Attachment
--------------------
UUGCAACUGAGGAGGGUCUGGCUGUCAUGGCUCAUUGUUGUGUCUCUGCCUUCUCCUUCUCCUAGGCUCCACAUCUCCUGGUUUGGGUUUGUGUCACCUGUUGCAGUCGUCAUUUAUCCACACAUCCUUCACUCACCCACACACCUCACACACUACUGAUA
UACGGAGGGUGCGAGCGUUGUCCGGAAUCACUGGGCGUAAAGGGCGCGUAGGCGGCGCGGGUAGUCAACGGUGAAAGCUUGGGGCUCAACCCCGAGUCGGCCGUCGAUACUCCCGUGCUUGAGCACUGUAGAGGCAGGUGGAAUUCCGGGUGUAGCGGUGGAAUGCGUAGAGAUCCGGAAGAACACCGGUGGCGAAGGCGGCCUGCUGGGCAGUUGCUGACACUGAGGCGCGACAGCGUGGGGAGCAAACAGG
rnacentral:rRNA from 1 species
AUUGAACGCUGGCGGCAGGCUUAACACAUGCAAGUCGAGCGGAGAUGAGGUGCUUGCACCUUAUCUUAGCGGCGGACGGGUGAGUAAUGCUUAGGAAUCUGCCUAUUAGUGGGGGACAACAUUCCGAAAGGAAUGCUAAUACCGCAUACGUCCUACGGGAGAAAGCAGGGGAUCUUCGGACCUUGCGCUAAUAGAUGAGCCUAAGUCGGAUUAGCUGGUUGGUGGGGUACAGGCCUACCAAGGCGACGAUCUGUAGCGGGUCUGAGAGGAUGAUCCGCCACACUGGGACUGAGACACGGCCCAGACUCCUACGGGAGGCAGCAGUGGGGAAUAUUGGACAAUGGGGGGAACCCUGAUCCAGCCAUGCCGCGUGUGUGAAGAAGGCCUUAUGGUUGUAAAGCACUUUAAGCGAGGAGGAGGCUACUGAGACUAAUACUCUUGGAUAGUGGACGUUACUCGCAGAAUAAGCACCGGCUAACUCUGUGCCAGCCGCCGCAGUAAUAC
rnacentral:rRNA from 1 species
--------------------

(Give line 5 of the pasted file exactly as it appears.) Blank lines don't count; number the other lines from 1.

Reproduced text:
rnacentral:rRNA from 1 species